Mid-February is one of the busiest times in the garden-we have plants that have died back this winter to cut back, and most importantly, it is time to prune our roses! Timing is important with all pruning endeavors, and roses should be pruned before they have started to put out new growth and expended precious reserves they will need to put out spring growth and blooms.

I have talked to many people who are hesitant to prune roses, thinking that they might harm them. Trust me, roses are tougher that you think! Follow a few guidelines, and before long you will become more confident in your rose pruning skills.

Here are a few things to do before you get started:

  • Determine which type of rose you have. Hybrid Tea, Floribunda, and Grandiflora roses are pruned differently than shrub roses such as Knockouts, Drift and Flower Carpet, and also differently than Climbers.
  • Have your hand pruners and loppers cleaned and sharpened. Have some 70% alcohol or hydrogen peroxide available for disinfecting tools between plants.
  • Have Elmer’s glue handy to seal cuts on large canes to exclude cane borers.
  • Have a rake and lawn bags ready for clean-up.
  • And always, have some Rose gloves for hand protection!

Now, to get started:   Click HERE for diagram

Hybrid Tea and Grandiflora Roses:

  • Work from the ground up. Identify the oldest canes (they will be gray and woody) and remove them. Identify the newer green canes. These are the ones that will produce the biggest flowers this year.
  • Remove any “sucker” growth that may have emerged from below the graft union. (the swollen part of the trunk near the base of the plant) These shoots will not produce the same flowers as the top of the plant and waste valuable energy.
  • Remove crossing branches to open up the center to light and air circulation. Remove branches that are crowding each other. Select strong, healthy canes to form the structure for your rose.
  • Now decide how far back to prune the rose. Roses are pruned much more severely in Northern climates, as roses die back farther there. It is reasonable to cut back roses in Central Texas about 1/3 of the way back from the top. You have chosen the strongest canes, so now find a bud on each cane that is facing OUT from the shrub. This bud will continue to grow OUT and help keep the center of the shrub open. Make the cut ¼” above this bud at an angle, with the high side of the slant above the bud. Do this to all remaining canes.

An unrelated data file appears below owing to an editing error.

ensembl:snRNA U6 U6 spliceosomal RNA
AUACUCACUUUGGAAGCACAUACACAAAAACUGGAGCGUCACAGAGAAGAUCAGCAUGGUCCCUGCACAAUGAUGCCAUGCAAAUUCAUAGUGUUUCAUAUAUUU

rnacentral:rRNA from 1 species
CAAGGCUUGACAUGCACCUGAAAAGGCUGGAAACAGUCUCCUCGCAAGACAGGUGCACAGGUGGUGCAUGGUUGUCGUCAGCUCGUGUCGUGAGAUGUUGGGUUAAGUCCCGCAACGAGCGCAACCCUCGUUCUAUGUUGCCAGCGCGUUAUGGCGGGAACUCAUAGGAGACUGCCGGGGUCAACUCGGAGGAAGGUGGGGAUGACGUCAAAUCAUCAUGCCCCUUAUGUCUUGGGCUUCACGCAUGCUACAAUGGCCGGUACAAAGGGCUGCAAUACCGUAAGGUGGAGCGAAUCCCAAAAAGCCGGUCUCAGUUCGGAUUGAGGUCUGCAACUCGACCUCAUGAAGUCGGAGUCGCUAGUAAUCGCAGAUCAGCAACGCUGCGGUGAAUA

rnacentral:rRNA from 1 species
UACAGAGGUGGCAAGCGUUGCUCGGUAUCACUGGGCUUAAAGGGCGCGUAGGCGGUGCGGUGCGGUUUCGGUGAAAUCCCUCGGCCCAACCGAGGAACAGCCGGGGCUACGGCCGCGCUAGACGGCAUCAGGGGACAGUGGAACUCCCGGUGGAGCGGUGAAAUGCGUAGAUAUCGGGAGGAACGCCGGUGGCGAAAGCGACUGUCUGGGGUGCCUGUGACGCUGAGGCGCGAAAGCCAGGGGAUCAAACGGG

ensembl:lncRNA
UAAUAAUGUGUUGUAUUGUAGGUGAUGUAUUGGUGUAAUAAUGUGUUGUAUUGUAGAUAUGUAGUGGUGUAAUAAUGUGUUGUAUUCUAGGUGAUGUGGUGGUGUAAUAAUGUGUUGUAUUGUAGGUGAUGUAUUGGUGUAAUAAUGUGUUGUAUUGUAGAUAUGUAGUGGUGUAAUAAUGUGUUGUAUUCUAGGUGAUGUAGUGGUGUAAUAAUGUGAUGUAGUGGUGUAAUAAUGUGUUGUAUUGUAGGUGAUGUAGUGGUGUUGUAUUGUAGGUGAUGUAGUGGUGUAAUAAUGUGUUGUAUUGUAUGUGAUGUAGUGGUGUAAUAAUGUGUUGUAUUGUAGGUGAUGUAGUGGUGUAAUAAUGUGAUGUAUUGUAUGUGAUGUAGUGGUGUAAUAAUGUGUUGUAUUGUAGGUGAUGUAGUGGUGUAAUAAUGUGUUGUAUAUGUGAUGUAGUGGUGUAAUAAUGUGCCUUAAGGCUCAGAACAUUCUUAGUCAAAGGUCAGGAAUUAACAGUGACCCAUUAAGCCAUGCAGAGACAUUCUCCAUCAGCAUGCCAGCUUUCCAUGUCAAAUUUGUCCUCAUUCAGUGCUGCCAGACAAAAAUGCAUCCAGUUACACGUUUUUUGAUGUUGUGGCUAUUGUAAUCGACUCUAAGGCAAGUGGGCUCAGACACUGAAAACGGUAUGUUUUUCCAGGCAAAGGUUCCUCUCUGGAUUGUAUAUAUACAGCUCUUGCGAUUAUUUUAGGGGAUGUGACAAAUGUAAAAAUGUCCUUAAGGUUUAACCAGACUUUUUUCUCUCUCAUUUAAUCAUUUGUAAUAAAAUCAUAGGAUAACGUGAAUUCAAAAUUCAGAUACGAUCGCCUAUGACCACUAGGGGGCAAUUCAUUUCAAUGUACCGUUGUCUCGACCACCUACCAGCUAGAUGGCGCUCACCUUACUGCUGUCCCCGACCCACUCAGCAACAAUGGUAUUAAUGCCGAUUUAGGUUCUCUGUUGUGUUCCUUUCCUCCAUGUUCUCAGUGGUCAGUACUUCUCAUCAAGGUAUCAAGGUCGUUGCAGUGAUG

• Remove all growth thinner than a pencil. Seal all cuts larger than a pencil with a drop of Elmer’s glue to prevent cane borer entry.
  • Stripping all leaves at this time will prevent many insect and disease problems that may have overwintered on the plant.
  • Locate the graft union (that swollen place towards the base of the plant) and use a wire brush to gently remove the gray scaly woody stuff on the bud union. (Rose lore says that this encourages new sprouts from the bud union on the graft.)
  • Last, but not least, CLEAN UP, CLEAN UP, CLEAN UP!!!!! Do I sound like your Mom yet? This step is SO important, I cannot stress it enough. Remove dead leaves, petals, clippings and weeds. DO NOT COMPOST! Besides not decomposing well, rose clippings will have overwintering insects and disease that does not belong in your compost pile.

Floribunda Roses:

  • Follow the basic pruning guidelines above, but prune more lightly and do not worry about removing thin stems.

Knockout Roses and Ground Cover Roses:

  • Knockout Roses are “shrub roses”, and like pruning shrubs, how much to prune depends on how tall you want them to be in the summer.
  • First, prune out any dead branches and any that cross in the middle to open up the center for light and air circulation. 
  • You can easily use hedge shears to prune Knockout Roses, reducing the height to about 16” lower than where you want to see the first flowers appear.
  • When you are done, CLEAN UP, CLEAN UP, CLEAN UP! (see description above)
  • Knockout Roses may be pruned in the spring and summer as well. Use hand pruners or hedge shears periodically to “dead head” after a large bloom, or to reduce the size.
  • Prune Knockout roses again in August to encourage fall blooms. Use hedge shears to remove no more than 1/3 of the growth. Follow by fertilizing with organic fertilizer such as Maestro Gro Rose Food. 

Climbing Roses:  Climbing Roses that bloom only in the spring should be pruned AFTER they bloom, as they bloom on old wood. Climbing roses that bloom continuously may be pruned in February, and also throughout the season. Do not prune until the rose is at least 2-3 years old.

  • Locate the oldest, woodiest cane and remove at ground level. These canes will be the least productive, and will compete with new canes for water and nutrients. Choose the cane you want to remove, cut it at the base and follow it up the plant, cutting sections of it at intervals until the entire cane has been removed. 
  • Do not remove more than one-third of the canes at any one time. If you have let your climber go for many years, prune out the old canes gradually each year.

Groundcover Roses: These roses, such as the low-growing Drift and Flower Carpet varieties, are easily pruned with hedge shears in

February and also throughout the growing season. Do not remove more than one-third of the growth at one time.